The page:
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Getting to Know Talib Zanna




Oct. 28, 2009

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GETTING TO KNOW Talib Zanna

 

As part of our Countdown to Tipoff features, we will profile several of the 2009-10 Pitt men's basketball players or a certain aspect of the program. Today, we feature Talib Zanna. The rest of the schedule for the week: Thursday: Feature on redshirt freshman Travon Woodall; Friday: Pitt's current NBA players DeJuan Blair, Sam Young and Aaron Gray; Saturday: Where are They Now?, former Pitt players and their whereabouts in professional basketball; Sunday: Pitt vs. Slippery Rock recap; Monday: Feature on Chase Adams.

 

Reprinted from the October 12, 2009 Panther Eyes edition

By Mike Gladysz, Panther Eyes


 

 

 

Imagine this: You're a 15-year-old kid from Kaduna, Nigeria, who never ventured very far from your hometown. You speak very little English and never even envisioned living a few miles away, let alone on another continent, but your plane just touched down in the United States.

Waiting for you is a host family you've never met before, a school you've never seen and a culture you can't come close to relating to. Now imagine you'll be in that place for at least three years without the sight of your parents, brothers or sisters.

Welcome to the life of Talib Zanna. A freshman on the men's basketball team, Zanna moved from his hometown in Nigeria to the U.S. in 2006 with a dream of playing basketball.

Since his arrival he's fought through injuries, struggled to fit in and was forced to adapt to a completely new lifestyle. Then, this past spring, he got a phone call from his sister that would've deflated most people for good.


"She told me that our father had died," Zanna said. "It was the saddest thing I've heard."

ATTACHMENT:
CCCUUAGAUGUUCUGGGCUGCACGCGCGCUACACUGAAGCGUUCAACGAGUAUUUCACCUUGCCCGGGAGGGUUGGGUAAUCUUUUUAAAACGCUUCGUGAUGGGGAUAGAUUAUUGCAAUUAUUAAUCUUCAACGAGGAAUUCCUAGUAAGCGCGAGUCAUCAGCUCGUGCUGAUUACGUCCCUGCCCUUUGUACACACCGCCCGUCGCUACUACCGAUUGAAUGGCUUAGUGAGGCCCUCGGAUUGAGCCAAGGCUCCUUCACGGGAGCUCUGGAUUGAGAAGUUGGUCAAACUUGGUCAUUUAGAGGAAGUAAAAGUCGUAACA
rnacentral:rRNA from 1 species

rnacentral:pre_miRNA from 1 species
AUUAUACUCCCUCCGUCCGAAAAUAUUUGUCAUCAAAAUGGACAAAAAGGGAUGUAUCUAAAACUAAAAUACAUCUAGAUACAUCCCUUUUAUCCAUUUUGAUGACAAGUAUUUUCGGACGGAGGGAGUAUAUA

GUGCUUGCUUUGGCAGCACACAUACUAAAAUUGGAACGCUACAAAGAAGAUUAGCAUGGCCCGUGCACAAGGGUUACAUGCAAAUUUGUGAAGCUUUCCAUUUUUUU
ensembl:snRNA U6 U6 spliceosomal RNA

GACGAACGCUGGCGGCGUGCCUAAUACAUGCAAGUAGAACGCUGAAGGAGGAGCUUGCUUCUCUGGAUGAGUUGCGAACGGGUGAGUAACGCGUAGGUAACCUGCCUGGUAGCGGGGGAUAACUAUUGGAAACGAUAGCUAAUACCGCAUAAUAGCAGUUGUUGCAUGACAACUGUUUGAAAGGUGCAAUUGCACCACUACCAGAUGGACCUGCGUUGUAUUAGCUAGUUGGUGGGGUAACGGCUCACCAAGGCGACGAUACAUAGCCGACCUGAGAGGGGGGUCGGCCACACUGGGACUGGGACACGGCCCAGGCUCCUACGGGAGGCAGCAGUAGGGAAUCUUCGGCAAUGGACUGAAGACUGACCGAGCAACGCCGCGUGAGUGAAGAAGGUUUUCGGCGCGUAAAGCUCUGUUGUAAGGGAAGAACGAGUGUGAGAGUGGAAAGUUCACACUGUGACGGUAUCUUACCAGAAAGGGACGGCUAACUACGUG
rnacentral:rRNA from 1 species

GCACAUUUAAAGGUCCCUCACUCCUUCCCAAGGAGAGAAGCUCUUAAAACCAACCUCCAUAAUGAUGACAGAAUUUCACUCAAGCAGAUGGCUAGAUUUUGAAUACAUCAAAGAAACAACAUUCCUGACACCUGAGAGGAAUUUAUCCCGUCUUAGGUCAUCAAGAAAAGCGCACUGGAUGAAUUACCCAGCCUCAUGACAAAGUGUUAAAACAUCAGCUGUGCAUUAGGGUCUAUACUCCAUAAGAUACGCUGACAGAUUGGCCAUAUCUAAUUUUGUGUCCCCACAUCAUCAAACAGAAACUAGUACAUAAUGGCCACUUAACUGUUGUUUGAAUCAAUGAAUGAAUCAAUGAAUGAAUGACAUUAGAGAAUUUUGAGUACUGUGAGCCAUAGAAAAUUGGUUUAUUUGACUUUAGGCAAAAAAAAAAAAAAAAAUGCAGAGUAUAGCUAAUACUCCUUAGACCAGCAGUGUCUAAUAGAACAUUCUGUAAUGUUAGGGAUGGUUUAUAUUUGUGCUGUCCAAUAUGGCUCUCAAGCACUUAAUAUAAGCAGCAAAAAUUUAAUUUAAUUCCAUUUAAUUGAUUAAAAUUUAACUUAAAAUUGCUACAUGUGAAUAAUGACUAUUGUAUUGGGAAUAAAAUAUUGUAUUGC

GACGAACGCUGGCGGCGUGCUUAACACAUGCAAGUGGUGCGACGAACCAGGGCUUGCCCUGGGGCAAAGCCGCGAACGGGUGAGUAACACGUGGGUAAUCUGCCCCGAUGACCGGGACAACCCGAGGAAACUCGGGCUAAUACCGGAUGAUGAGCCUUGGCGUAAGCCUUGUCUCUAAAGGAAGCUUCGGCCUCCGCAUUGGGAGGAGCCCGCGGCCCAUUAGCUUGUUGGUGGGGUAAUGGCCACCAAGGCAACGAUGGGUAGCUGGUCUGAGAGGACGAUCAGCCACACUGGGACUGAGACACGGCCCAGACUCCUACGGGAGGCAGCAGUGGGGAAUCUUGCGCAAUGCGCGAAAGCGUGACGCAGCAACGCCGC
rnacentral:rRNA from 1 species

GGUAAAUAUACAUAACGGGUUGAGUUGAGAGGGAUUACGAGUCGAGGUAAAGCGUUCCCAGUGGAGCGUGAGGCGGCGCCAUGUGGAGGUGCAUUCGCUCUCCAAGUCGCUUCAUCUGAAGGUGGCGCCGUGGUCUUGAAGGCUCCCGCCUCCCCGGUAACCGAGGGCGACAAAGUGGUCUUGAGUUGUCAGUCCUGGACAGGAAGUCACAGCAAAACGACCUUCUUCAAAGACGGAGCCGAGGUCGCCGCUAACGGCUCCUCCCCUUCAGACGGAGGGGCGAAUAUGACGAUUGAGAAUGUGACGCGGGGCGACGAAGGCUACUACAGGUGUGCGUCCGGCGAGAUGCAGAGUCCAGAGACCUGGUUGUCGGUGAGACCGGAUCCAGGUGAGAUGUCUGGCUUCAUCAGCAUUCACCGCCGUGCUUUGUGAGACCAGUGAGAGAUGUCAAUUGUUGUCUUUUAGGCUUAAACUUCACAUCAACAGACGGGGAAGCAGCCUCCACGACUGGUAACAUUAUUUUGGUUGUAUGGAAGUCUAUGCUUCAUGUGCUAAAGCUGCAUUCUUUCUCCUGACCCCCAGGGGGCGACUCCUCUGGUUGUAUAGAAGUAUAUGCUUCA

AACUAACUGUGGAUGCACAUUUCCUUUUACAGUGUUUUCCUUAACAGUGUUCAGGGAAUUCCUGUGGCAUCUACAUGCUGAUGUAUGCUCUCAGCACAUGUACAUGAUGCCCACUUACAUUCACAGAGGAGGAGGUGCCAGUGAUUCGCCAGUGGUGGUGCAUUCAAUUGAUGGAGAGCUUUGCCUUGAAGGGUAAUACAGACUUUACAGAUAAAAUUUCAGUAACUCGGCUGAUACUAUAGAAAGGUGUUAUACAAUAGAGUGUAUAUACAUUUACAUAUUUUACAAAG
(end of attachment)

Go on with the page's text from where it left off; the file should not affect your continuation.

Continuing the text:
Regretfully, Zanna couldn't make it home for his father's funeral. In fact, he hadn't seen any family members since 2006, just before he arrived at Bishop McNamara High School in Forestville, Md. It was there that he made his home. But it was eight years ago, as a 10-year old-boy in Nigeria, when Zanna's story really began.

That was when Zanna first picked up a basketball and began to play a sport that was gaining more and more popularity on the African continent. Like many in Nigeria, Zanna played soccer throughout his entire life, and basketball was something new. But it was basketball that changed his life.

"I was good in soccer, but I was also growing taller," he said. "My older brother played basketball, and he told me, `Drop soccer and play basketball, it could be a good future.' So I did that. He helped me onto a good club basketball team and I picked up everything pretty quick."

There's no question about that. A few years later and several inches taller, Zanna was spotted by American high school coaches at a big-man camp in Lagos, Nigeria, and people in the U.S. began talking. Well, more like scrambling.

After months of paperwork to secure a visa and clarify eligibility, Zanna was on his way to Bishop McNamara. It didn't take long for him to realize that he wasn't on his way to some sort of vacation. He was leaving his family in Nigeria for good. Zanna's new school helped to set him up with a host family, and he went from there.


"It was a real tough transition because I had to come over here into a new culture," he said. "I had to get used to it and start all over."

Aside from dealing with a new world, Zanna broke his ankle during his first year. He felt like he might not be able to make it in the U.S., but when he spoke with his father, he was told to keep working toward his goals. After hearing that, Zanna didn't look back.

"When I started playing basketball, everyone tells me to keep working hard because of my talent," he said. "They said to do it for my future, but I just have a love for the game, and that is why I play. I want to build a future, yes, but I love playing."